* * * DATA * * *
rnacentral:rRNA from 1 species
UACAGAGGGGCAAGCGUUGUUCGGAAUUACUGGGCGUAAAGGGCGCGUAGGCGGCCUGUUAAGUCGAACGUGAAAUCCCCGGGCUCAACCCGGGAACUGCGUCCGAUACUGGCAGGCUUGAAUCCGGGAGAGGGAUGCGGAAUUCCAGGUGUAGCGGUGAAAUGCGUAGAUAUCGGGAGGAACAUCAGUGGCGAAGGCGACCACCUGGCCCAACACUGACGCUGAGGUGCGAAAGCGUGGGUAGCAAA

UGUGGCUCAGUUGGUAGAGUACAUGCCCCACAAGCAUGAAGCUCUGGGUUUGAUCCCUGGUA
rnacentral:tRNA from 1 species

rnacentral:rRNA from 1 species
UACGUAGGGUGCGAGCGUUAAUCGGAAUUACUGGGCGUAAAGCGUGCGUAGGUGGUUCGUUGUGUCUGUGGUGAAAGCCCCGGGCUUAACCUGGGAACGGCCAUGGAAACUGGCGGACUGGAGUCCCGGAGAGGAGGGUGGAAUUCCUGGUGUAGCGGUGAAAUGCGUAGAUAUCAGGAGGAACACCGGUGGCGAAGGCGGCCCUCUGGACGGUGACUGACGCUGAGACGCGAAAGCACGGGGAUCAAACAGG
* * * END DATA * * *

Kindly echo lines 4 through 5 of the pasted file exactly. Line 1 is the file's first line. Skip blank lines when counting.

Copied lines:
rnacentral:tRNA from 1 species

rnacentral:rRNA from 1 species